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10 ways to train students to cope with authentic speech

We all know how often our pupils struggle to understand authentic speech when they encounter it for the first time. "It's not like the language we hear in class." "They speak so fast!" "The accent is really weird." "They seem to miss words out."

In this post I'm not going to argue that we should be presenting and practising a total diet of fast, authentic speech. I believe this goes against some basic principles of learning which involve our scaffolding new language, slowing things down to make them easier, moving from easy to harder, avoiding cognitive overload and so on. However, it's quite possible that we neglect preparing students for some of the more frequent cases where the natural spoken form is unlike the "correct" grammatical or written form. This typically occurs when speakers elide from one sound or word to the next, drop redundant words or omit some sounds completely.

In English, if you say "Do you know what he does for a living?" it might actually sound something like this (I'll avoid IPA phonetic symbols in case you don't know them): "Dje know wha' 'e does fer a livin'?" Imagine the difficulties this can create for a novice learner of English.

In French look what happen to this sentence: Tu n'aimes pas ce qu'il a fait il y a deux ans? It would probably sound something like this: T'aime pas squ'il a fait ya deux ans? Or how about this example: Je ne sais pas si tu as fait tes exercices. (Chai pas si t'as fait te zercices.) Or Ils t'ont vu hier aux Invalides. (Y t'ont vu hier au Zinvalides.)

This kind of perceptual difficulty confronts students all the time, especially in languages like English and French where there are so many mismatches between sound and spelling and so many mute sounds, liaisons between words, de-stressed words and syllables and omitted words or sounds.

This might be a bit obvious to you so far, but I only mention it to go on to suggest that we can do some classroom activities which help students adjust ton these problems of perception. How about these;

1.  Dictate short sentences, slowed down or at natural speed, with examples of perceptual difficulty. Students have to write down what they hear using their own phonetic code (assuming you haven't taught them the basics of the IPA).

2.  As above but get students to write down correctly spelled versions of the same utterances.

3.  Target frequently occurring examples of mismatch between authentic speech and "correct" forms. In French these could include:

Omission of "ne", e.g. Je sais pas, je pense pas, je crois pas or before imperatives ("fais pas de bêtises")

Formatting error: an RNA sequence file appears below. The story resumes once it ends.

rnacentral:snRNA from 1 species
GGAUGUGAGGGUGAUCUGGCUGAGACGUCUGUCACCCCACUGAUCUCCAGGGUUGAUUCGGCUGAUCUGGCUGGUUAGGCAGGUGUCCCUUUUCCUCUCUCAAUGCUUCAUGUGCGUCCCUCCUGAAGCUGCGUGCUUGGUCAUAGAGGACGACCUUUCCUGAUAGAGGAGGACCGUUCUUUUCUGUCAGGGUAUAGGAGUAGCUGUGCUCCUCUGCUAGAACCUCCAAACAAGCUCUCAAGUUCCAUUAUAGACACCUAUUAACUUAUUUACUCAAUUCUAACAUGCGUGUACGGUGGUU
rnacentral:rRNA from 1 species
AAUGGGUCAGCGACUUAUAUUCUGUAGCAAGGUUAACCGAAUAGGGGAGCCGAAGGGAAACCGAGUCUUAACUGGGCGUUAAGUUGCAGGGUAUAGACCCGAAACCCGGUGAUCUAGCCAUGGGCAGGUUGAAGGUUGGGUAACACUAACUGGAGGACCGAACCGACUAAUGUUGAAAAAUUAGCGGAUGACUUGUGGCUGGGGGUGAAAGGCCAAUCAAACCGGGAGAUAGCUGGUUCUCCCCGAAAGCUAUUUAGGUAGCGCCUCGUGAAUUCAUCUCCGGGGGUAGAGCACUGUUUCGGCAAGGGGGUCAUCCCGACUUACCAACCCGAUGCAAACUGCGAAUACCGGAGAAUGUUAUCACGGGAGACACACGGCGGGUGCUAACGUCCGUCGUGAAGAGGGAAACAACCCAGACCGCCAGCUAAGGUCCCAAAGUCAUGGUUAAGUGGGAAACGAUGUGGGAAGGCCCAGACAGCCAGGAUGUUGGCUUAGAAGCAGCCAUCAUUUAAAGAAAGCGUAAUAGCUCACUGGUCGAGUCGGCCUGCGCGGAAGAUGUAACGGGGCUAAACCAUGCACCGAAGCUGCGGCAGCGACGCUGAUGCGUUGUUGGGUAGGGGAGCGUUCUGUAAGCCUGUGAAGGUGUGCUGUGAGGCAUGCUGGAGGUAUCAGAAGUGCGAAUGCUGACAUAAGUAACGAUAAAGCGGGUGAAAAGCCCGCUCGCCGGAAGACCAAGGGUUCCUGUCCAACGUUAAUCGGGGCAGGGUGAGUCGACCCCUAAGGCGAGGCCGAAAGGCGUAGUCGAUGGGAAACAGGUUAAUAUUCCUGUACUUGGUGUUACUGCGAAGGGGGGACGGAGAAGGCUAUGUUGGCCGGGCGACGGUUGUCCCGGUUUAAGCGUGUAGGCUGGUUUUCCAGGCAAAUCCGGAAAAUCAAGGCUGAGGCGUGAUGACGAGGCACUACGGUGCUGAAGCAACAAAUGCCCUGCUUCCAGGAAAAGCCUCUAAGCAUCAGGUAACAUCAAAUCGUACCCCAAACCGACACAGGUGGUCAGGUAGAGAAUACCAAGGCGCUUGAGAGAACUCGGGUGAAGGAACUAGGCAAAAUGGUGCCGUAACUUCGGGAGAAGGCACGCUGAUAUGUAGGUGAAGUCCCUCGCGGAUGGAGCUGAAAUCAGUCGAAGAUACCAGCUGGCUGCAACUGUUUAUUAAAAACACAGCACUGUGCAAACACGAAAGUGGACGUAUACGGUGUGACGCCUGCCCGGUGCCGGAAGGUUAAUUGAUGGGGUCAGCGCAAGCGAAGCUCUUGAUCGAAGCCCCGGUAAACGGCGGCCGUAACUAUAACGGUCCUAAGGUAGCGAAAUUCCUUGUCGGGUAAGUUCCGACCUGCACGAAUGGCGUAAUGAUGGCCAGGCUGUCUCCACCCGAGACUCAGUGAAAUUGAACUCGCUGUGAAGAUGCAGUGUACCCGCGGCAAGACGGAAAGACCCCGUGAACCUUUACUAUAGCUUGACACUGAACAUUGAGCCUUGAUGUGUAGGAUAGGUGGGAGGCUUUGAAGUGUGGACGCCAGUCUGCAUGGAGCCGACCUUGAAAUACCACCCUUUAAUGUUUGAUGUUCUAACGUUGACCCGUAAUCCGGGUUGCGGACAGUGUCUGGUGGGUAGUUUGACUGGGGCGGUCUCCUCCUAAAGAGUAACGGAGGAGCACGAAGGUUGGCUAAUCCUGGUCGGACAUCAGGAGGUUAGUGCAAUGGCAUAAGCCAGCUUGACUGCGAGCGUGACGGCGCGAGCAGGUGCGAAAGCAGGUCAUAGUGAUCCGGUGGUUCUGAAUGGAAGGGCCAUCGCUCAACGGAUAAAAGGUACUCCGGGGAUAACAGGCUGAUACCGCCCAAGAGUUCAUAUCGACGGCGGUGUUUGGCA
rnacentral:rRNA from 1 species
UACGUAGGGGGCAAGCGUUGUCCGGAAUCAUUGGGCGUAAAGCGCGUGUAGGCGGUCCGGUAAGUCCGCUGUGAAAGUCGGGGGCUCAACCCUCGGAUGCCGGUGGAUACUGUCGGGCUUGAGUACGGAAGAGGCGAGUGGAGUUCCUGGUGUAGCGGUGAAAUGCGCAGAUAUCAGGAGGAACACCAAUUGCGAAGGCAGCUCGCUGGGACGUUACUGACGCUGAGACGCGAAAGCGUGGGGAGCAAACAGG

Omission (elision) of the "u" sound before verbs beginning with vowels as in: t'aimes, t'adores, t'écoutes.

 3. Get students to transcribe pairs of sentences with identical meaning, some with phrases or chunks which have optional liaison. (Liaison between vowels and consonants is often optional in natural spoken French - liaison can also sound too precious at times to some speakers), e.g.

Vous aimez aller, Venez-ici, Un prix trop élevé, assez intelligent, vous pouvez aller, vous voulez avoir, je vais aller, très habile

4. Teach samples of some common differences in accent in various forms of French, e.g. alternative pronunciations of the "r" sound (uvular or otherwise), variations of nasal vowels (including the common addition of the "ng" sounds after nasals in the south of France), the Canadian accent - or at least one form of it, variations in the pronunciation of "ait" (é or the more open "ai").

5. Do choral and individual repetition of all the above to help embed these forms in students' memories. Make it fun!.

6. Make occasional use of non-text book authentic audio, e.g. from snippets on Audio Lingua or authentic videos from This is Language (£). Do targetted gap-fill focusing on "non-standard" examples of the target language.

7. Be prepared to use natural-sounding French in your own speech to help students get up to speed, e.g. when practising likes and dislikes let them hear both Qu'est-ce que tu aimes faire? and Qu'est-ce que t'aimes faire? 

8. Mix up your pace of delivery in teacher-led oral work, e.g. question-answer or oral drills. I'd say your default should be a bit slower than normal, but not artificially very slow.

9. Teach aspects of grammar through listening, e.g. introduce the future tense in the traditional way using pairs of pictures, one column depicting events in the present, the other events in the future and enabling students to hear the spoken form first many times before they see a written form. In this way they clearly hear that, essentially, the first person future is marked by the sound "erai". Although this does not specifically relate to authentic forms of speech versus "correct" forms, it provides useful ear training to cope with all speech.

10. Focus on intensive input/output work of shorter audio examples, rather than general comprehension of longer extracts. The latter approach may produce poorer long-term benefits (too much incomprehensible language to take in - cognitive overload - demotivation")

To conclude and reiterate, it's hard to prepare students for real-life speech since you simply don't have the classroom time to build up the necessary skills, but you can take some steps to make things a bit easier. Slightly slowed down speech makes total sense in general, but I'd advise providing plenty of more authentic listening too provided there is some intensive practice associated with it. The most able pupils do develop the necessary decoding skills quite naturally over time, but many students would benefit from more targeted practice.


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